Nazi Germany and Genocide Incidents

Topics: Nazi Germany, Genocide, Ethnic cleansing Pages: 3 (1014 words) Published: October 8, 1999
Wouldn't it be scary if someone suddenly decided that you should disappear because he thinks you do not have the right to live because of your race or religion? Scary yes, but definitely possible. The word genocide, which is also known as ethnic cleansing, is certainly not uncommon to anyone living in this not so perfect world, full of violence, hatred and discrimination. Throughout the decades, genocide has taken place in more than one occasion, causing wars, slaughters and mass destruction of cities and towns. I think that genocide is by far the worst crime in humanity. Hatred, superiority and personal memories are all behind genocide. Everyday, I get more surprised on how some very powerful leaders can act so cruelly and kill thousands of innocent people just because of their ethnicity, race or religion. The political leaders who committed genocide do not seem very smart to me because strong and powerful countries do not differentiate between colour and religion. Equality is the most important aspect leading to a united, strong country despite the different races or religions in that country. Instead of killing, chasing and dividing up their countries, these leaders should have created a powerful and united country. To fully understand genocide, one must first try to define it. Genocide is "the effort to destroy the essential foundations of the life of national groups whose objectives would be the disintegration of the political and social institutions of culture, language, national feelings, religion, and the economic existence of national groups, and the destruction of the personal security, liberty, health, dignity, and even the lives of the individuals belonging to such groups" (Charny 2). The crime of genocide dates from a very long time ago. The first time a genocide crime happened is not dated or even remembered and it is "lost in antiquity" (Charny 41). That raises the issue that maybe humans were created with all that hatred inside them. But...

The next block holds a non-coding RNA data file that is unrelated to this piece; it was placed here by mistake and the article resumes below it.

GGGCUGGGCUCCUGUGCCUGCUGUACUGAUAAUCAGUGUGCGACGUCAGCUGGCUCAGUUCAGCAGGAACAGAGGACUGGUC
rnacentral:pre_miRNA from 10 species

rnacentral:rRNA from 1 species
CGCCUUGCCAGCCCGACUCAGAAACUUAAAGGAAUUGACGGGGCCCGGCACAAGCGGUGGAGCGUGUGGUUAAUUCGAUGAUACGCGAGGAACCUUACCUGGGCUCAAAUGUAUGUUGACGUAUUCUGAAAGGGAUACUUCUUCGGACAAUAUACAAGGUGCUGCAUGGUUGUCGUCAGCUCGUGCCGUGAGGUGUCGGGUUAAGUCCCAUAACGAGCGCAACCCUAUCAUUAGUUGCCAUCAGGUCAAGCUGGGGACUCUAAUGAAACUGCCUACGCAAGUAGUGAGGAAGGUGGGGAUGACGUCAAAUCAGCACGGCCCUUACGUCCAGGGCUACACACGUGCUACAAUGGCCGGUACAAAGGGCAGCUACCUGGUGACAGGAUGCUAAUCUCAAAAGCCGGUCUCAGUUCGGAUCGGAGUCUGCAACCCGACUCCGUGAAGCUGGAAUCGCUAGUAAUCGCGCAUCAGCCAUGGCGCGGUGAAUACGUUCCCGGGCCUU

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Charny, Israel W. Genocide: A Critical Bibliographic Review. London: Mansell,
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Schramm, Percy Ernst. Hitler: The Man and the Military Leader. Chicago:
Quadrangle, 1971.
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